The FT reviews the evolution of "crimtech" and the spreading phenomenon of online money launderers who are quickly replacing their brick-and-mortar. These "front" businesses are incredibly hard for banks, acquirers, and third-party processors to detect.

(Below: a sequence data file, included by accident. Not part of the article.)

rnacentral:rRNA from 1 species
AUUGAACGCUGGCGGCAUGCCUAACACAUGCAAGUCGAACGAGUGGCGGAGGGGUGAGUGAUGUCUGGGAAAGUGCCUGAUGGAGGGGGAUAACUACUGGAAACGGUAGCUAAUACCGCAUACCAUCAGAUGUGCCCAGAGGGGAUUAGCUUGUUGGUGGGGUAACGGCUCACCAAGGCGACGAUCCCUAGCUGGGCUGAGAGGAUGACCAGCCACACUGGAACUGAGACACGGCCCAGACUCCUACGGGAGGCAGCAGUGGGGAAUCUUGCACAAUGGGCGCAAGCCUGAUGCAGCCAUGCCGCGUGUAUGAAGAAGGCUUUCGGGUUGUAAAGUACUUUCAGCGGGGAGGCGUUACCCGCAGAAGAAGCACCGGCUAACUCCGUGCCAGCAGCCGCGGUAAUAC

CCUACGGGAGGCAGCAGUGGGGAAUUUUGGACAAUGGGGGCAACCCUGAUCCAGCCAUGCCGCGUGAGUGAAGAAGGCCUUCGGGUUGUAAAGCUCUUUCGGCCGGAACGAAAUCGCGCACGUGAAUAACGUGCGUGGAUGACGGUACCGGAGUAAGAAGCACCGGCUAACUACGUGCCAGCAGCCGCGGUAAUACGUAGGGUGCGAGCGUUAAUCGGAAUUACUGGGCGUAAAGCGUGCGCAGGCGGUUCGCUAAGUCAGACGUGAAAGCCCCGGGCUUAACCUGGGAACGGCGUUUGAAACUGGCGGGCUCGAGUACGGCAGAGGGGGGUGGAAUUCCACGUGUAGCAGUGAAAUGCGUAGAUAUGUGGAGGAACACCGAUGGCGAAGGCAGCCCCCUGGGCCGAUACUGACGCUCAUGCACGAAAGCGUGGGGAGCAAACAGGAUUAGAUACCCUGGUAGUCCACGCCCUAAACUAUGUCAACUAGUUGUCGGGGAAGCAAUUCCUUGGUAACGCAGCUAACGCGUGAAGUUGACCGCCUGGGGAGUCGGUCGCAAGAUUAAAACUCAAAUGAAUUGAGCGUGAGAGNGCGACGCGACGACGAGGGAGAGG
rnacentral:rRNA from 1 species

The fintech sector, predictably, is adamant the industry will be able to offer the solutions to many of these problems. But as Lisa Osofsky, a global regulatory and financial crime compliance consultant at Exiger, explained to me, the challenge remains one of trade-offs. More compliance by and large comes along with additional cost and inconvenience to customers. That in turn puts a heavy burden on those in financial services responsible for policing transactions, especially when they don’t consider themselves police officers. “It’s very expensive to be the gatekeeper,” Ms Osofsky said. “Think of aeroplane travel, it’s the same sort of thing. There are always trade-offs with more security.”